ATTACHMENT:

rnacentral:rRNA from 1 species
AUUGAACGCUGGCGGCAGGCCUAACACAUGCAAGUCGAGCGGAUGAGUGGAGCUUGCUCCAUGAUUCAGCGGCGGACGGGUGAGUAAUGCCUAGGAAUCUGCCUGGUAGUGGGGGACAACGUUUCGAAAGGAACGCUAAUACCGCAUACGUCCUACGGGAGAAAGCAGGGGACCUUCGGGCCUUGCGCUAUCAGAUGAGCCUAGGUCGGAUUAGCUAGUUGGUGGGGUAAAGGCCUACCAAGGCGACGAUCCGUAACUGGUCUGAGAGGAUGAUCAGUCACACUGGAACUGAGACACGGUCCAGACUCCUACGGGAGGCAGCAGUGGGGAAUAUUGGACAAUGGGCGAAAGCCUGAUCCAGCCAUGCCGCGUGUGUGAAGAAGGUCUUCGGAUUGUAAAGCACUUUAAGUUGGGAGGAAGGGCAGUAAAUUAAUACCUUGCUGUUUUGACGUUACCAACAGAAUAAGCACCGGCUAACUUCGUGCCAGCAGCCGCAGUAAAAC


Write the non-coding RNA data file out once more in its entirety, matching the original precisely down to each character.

rnacentral:rRNA from 1 species
AUUGAACGCUGGCGGCAGGCCUAACACAUGCAAGUCGAGCGGAUGAGUGGAGCUUGCUCCAUGAUUCAGCGGCGGACGGGUGAGUAAUGCCUAGGAAUCUGCCUGGUAGUGGGGGACAACGUUUCGAAAGGAACGCUAAUACCGCAUACGUCCUACGGGAGAAAGCAGGGGACCUUCGGGCCUUGCGCUAUCAGAUGAGCCUAGGUCGGAUUAGCUAGUUGGUGGGGUAAAGGCCUACCAAGGCGACGAUCCGUAACUGGUCUGAGAGGAUGAUCAGUCACACUGGAACUGAGACACGGUCCAGACUCCUACGGGAGGCAGCAGUGGGGAAUAUUGGACAAUGGGCGAAAGCCUGAUCCAGCCAUGCCGCGUGUGUGAAGAAGGUCUUCGGAUUGUAAAGCACUUUAAGUUGGGAGGAAGGGCAGUAAAUUAAUACCUUGCUGUUUUGACGUUACCAACAGAAUAAGCACCGGCUAACUUCGUGCCAGCAGCCGCAGUAAAAC